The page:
Authentication in Android apps with MSAL
Hello Android developers,
Connecting users to their data is an important factor in the mobile space as it helps to create a personalized experience across multiple devices. As is common across the technology space, users need to provide credentials in order to access their data, often in the form of a username and password, two factor authentication, or authentication token. This is especially true when connecting users to data from their Microsoft accounts, where a valid authentication token is required for each call to APIs like the Microsoft Graph and Azure Cognitive Services.
Figure 1. By using MSAL, you can authenticate Microsoft users in an Android app.
This blog is part of a series where we’ll talk about how to use the Microsoft Authentication Library (MSAL) and the Microsoft Graph to connect to M365 services in your own Android apps. In this first post, we’ll cover:
- The basics of MSAL
- How to register your app in the Azure Portal
- How to set up MSAL configuration files
- How to use MSAL to authenticate users in an Android app
MSAL Android Overview
MSAL can be used across many platforms to acquire the security tokens needed for Microsoft-based APIs. It also maintains a token cache, refreshes tokens, and allows for different kinds of Microsoft accounts to be targeted.
To use MSAL in an Android app, there are two main steps you need to take:
- Register your app in the Azure Portal
- Set up configuration files in your Android project
Register an app in the Azure Portal
The first step to acquire a security token with MSAL is to register your Android app in the Azure Portal. To learn more about why the Microsoft identity platform requires apps to be registered, check out the documentation on the application model.
To do this, you’ll need to know:
- The type(s) of Microsoft accounts you’ll be supporting
- Your app’s package name
- Your development signature hash
With this information, you can follow the app registration guidelines to set up your project.
The Azure Portal registration page for creating a new app, as shown in Figure 2, allows you to specify settings for your app to start with. The only setting that cannot be changed or edited later is the “Supported account types”. All other settings on this page can be added or updated after the app has been created.
In the example below, we set the app name to be “Hello World”, specify that any Microsoft account can be used to sign into this app, and opt to set any Redirect URIs and Service Tree IDs at a later time.
Figure 2. Azure Portal page for registering a new application.
Configuring the Android Project files
Once your app is registered in Azure Portal, you can then use your new client id and redirect URI to set up MSAL authentication in Android Studio.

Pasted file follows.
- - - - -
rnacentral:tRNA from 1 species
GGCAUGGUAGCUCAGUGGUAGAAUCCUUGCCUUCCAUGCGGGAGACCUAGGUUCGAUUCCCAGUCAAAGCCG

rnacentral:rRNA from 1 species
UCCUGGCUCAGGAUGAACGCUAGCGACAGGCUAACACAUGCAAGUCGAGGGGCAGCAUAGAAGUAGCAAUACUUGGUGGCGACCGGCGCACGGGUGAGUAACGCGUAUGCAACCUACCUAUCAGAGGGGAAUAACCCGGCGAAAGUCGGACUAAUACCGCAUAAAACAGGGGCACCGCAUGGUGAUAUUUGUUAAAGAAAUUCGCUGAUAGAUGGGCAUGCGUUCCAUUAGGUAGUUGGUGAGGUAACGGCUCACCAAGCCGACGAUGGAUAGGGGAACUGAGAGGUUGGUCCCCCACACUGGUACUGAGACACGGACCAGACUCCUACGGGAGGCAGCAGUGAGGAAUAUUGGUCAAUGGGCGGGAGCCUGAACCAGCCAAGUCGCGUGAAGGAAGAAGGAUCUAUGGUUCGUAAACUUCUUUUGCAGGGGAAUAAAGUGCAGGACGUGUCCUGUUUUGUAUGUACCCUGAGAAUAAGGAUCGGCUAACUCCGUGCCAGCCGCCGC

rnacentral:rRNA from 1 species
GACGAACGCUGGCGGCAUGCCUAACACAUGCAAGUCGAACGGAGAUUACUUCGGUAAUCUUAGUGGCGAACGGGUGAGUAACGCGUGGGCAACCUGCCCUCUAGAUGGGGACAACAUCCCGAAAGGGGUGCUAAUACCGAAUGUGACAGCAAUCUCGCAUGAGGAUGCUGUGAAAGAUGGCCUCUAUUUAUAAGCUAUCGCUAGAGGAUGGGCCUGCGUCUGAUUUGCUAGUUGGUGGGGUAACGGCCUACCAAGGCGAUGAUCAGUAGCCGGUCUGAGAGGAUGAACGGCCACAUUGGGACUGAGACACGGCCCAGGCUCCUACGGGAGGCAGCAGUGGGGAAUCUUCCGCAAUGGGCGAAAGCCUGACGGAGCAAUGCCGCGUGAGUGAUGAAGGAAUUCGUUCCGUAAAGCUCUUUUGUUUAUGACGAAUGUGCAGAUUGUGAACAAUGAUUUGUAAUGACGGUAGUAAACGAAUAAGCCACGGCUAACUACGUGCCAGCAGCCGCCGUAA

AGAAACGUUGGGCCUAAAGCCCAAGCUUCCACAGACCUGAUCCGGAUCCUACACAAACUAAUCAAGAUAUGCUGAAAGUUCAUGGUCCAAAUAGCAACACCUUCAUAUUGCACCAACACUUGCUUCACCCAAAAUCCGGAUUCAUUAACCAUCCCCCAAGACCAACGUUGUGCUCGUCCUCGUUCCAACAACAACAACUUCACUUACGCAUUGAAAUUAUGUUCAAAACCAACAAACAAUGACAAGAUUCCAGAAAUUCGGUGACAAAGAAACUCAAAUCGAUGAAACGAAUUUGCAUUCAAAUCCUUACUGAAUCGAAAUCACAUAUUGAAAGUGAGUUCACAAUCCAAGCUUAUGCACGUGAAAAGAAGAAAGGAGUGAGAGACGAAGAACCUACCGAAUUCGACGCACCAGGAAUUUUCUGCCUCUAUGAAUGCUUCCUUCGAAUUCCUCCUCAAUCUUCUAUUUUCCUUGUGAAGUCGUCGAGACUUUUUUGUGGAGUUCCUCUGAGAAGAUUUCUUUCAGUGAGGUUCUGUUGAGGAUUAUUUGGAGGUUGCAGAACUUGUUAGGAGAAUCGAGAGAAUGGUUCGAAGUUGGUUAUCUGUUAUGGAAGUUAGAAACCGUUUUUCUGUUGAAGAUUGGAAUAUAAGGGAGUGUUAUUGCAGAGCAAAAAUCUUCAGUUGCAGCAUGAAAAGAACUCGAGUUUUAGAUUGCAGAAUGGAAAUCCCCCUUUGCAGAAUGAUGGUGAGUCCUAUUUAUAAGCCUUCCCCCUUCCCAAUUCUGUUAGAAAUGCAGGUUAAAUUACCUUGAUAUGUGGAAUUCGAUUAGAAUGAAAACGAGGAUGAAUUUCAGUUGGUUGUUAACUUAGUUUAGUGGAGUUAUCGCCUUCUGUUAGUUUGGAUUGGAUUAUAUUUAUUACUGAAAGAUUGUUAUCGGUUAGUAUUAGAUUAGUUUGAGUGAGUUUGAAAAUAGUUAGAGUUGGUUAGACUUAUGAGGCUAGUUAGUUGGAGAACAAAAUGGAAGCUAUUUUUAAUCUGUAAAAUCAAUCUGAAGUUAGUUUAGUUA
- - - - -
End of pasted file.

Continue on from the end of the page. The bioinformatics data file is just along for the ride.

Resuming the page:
As described in the configuration guidelines, you will need to make two main changes:
Create a JSON config file under your project’s raw resources. You can set up your config file to authenticate in single or multiple account mode, and you’ll need to enter your client id, redirect URI (see Figure 3), and audience type in this file.
Figure 3. You’ll need to copy your redirect URI, which combines your package name and signature hash, from Azure Portal in order to set up the config files for MSAL.
BrowserTabActivityto your AndroidManifest.xml. You’ll also need to add your redirect URI here. It is formatted a bit differently in this file, but all the pieces are still there. All that needs to be changed is a) adding the package name to the
android:hostattribute and b) updating the
android:pathvalue to your signature hash.
To obtain the signature hash needed for a redirect URI, you can follow the application registration documentation on step 9. This will generate a specific development signature hash with KeyTool.
An alternative to generating a hash is to skip this step and run through the rest of the configuration process. Once finished, if you build the project in Android Studio, Android Studio will log a message about what signature hash it was expecting for your device – you can then copy this value and enter it into the Azure Portal and Android config files.
For example, in Figure 4, you can see that the “expected” (green) URI in that message is the one that you should add to the Azure Portal.
Figure 4. Example log message from Android Studio when the incorrect redirect URI/signature hash is being used.
Authenticating users in your app
Finally, to start using MSAL in your app, there are a few more code changes you’ll need to make.
The MSAL documentation goes into more detail, but the main steps are:
- Import the Microsoft Authentication Library (MSAL) for Android. This is how you will initiate a sign in with the correct permissions, request user consent, and redirect users back to the app once authentication is finished.
Create an instance of a
PublicClientApplicationusing your config files from the previous section.
acquireToken()to interactively to prompt the user for their credentials.
And you’re in! Once a user has successfully been authenticated, you can use the
accessToken field of the returned authentication result to call other Microsoft APIs.
Resources and feedback
To learn more about using MSAL in Android apps, check out:
- Tutorial: Sign in users and call the Microsoft Graph from an Android application
- Quickstart: Sign in users and call the Microsoft Graph API from a mobile application
- MSAL for Android API reference
- MSAL for Android GitHub repo
- Understanding Android MSAL configuration files
Finally, there won’t be a livestream this week, but check out the archives on YouTube. We’ll see you online again soon!